Cairnsichthys bitaeniatus 
Hammer, Allen, Martin, Adams, Ebner, Raadik & Unmack, 2018


Abstract

The freshwater melanotaeniid genus Cairnsichthys is endemic to a relatively small area of specialised habitat within the Wet Tropics bioregion of north-eastern Queensland, Australia. It was previously considered as monotypic, including only a single species, C. rhombosomoides (Nichols & Raven, 1928). The recent discovery of an apparently-isolated population in the Daintree rainforest, approximately 120 km north of the known range extent, prompted a detailed investigation of its taxonomic status using a combined lines of evidence approach. We provide compelling evidence from multiple nuclear genetic markers (52 allozyme loci), mitochondrial DNA sequence data (1141 bp cytochrome b) and morphology (examination of a suite of 38 morphometric and meristic characters) that supports north-south splitting of C. rhombosomoides. Accordingly, we describe the northern population as a distinct speciesCairnsichthys bitaeniatus sp. nov., on the basis of 25 specimens, 34.7–65.6 mm SL. The new species differs morphologically primarily by having a more slender and narrow shape, featuring a flatter, straighter predorsal profile and shorter second dorsal fin base; possession of slightly smaller scales, reflected in higher counts of lateral scales and predorsal scales; typically more vertebrae; and colour differences including a more robust, short black stripe across the upper operculum, a pronounced yellow patch on the anteroventral body and usually a more conspicuous second dark stripe on the lower body, with adult males generally having yellowish compared to reddish fins. We also provide a generic diagnosis for Cairnsichthys and a redescription of C. rhombosomoides. Information on the known distribution, habitats and conservation status of species in the genus is summarised, the new species being of particular concern as a narrow range endemic with specific environmental requirements.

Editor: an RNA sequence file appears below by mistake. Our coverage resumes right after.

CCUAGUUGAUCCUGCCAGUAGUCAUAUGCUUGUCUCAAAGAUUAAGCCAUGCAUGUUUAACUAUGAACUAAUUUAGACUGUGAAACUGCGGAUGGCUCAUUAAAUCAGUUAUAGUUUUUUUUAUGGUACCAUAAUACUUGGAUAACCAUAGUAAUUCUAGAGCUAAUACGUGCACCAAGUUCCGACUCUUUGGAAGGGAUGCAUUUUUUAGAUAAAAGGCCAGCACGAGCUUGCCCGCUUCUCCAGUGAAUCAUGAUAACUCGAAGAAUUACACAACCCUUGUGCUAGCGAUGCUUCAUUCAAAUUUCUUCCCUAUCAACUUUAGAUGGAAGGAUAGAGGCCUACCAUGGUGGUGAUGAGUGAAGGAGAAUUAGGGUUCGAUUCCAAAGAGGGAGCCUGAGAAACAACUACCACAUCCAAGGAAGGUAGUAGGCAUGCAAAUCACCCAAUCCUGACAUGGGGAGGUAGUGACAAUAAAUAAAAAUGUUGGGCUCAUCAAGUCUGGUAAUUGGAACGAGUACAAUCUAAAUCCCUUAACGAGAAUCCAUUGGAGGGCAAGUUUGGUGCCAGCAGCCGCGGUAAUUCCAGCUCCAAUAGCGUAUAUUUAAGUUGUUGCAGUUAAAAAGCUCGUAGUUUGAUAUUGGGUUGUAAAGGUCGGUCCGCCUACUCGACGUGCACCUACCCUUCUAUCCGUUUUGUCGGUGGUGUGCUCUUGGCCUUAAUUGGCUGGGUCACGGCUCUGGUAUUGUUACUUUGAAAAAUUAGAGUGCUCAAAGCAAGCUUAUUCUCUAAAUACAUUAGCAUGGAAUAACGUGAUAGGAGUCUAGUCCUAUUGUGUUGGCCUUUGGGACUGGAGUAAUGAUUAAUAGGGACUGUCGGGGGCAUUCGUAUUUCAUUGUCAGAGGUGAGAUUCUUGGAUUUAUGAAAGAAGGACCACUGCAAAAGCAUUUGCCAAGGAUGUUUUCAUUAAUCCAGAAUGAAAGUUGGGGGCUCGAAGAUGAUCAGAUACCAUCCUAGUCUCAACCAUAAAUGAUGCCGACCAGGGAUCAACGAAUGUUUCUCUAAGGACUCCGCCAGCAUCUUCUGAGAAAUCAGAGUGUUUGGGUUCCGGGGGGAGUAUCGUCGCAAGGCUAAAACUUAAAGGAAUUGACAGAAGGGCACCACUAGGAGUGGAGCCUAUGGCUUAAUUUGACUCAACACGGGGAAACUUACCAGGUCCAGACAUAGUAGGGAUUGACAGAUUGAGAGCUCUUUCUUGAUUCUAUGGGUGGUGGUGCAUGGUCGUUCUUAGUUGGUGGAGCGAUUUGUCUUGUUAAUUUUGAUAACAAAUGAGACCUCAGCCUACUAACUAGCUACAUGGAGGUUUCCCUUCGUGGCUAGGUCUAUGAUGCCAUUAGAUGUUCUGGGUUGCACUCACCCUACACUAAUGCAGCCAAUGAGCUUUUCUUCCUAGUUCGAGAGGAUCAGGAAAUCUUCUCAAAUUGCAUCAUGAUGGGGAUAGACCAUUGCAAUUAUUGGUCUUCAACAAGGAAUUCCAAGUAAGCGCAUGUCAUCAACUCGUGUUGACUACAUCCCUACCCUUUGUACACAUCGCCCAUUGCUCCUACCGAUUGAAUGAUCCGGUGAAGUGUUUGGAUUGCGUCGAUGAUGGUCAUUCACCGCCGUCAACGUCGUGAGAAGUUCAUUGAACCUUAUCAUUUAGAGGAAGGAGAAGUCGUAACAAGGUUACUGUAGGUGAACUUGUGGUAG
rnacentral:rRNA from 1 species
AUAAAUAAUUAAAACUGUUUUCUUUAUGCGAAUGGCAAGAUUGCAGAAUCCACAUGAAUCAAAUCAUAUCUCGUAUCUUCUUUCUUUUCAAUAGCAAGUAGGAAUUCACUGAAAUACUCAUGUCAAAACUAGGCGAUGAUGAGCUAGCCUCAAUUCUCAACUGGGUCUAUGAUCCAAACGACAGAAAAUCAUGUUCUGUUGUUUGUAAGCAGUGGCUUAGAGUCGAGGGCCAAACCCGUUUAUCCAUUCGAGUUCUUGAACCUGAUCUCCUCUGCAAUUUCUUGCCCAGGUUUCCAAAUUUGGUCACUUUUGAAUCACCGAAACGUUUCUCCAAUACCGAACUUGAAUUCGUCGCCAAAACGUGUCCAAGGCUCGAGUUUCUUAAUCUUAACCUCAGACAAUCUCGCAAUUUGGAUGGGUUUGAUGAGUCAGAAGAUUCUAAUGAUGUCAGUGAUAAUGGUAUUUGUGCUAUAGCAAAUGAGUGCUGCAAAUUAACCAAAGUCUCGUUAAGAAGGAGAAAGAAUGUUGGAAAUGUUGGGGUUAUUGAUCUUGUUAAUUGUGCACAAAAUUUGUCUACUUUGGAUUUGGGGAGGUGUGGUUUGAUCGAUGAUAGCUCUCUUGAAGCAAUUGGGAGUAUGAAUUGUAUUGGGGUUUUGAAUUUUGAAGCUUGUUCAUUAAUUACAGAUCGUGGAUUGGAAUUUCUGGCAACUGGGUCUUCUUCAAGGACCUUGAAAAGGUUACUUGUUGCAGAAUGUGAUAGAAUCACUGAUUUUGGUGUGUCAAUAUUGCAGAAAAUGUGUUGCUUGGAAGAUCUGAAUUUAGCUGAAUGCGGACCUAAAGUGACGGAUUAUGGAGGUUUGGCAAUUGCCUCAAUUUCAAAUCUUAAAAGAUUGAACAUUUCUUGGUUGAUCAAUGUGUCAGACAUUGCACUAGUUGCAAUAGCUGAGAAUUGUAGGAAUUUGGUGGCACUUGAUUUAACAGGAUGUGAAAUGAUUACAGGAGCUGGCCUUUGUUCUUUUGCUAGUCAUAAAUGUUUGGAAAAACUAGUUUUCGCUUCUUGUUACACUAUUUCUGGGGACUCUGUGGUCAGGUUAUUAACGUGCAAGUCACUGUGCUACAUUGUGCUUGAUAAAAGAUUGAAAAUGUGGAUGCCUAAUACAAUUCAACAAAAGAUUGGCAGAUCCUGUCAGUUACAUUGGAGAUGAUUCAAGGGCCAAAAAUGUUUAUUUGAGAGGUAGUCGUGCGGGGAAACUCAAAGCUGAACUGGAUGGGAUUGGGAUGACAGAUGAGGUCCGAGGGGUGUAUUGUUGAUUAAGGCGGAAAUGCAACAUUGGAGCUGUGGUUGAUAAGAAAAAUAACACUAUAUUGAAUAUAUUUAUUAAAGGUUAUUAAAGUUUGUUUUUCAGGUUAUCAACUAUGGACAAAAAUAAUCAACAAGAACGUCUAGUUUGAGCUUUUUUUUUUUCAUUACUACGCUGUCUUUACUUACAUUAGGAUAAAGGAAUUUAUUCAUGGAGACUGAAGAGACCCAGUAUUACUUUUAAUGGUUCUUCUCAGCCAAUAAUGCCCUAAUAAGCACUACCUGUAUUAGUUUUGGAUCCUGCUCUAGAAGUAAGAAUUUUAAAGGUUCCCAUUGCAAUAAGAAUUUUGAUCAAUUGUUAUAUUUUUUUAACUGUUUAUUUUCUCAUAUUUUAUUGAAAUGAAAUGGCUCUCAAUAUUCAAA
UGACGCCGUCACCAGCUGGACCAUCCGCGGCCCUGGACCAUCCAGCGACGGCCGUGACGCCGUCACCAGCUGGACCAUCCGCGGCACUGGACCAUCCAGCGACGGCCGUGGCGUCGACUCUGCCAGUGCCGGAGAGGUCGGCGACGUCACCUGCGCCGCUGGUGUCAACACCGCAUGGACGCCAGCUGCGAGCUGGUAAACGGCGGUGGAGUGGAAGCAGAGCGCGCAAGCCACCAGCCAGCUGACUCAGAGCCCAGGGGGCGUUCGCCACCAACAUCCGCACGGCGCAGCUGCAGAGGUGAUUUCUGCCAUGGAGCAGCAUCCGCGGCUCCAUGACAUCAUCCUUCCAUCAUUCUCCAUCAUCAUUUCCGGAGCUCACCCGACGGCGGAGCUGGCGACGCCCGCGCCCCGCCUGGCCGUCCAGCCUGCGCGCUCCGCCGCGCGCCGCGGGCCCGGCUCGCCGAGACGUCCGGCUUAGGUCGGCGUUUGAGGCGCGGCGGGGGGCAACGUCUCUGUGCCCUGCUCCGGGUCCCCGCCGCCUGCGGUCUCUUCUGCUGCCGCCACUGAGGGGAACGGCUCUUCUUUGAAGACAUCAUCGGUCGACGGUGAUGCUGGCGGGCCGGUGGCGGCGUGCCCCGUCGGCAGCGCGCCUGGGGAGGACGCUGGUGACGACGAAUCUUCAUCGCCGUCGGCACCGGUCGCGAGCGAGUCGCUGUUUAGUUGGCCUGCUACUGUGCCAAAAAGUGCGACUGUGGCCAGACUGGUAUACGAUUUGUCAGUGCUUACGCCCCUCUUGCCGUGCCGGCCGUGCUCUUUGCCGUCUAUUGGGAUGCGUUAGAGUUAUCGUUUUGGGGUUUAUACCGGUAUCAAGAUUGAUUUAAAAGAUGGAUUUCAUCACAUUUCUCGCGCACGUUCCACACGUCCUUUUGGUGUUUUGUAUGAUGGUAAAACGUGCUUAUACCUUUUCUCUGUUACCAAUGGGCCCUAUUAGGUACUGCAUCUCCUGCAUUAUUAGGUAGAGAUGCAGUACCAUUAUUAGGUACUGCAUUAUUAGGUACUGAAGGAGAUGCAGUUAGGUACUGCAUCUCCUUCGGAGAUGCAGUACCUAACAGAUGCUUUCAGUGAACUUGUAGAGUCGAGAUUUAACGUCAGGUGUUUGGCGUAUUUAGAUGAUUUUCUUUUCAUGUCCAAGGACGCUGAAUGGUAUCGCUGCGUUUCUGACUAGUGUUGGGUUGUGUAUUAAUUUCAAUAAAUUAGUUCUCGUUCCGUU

Keywords: Pisces, fishes, freshwater biodiversity, conservation, taxonomy, molecular systematics, northern Australia




Michael P. Hammer, Gerald R. Allen, KeithC. Martin, Mark Adams, Brendan C. Ebner, Tarmo A. Raadik and Peter J. Unmack. 2018. Revision of the Australian Wet Tropics Endemic Rainbowfish Genus Cairnsichthys (Atheriniformes: Melanotaeniidae), with Description of A New Species. Zootaxa. 4413(2); 271–294. DOI:  10.11646/zootaxa.4413.2.3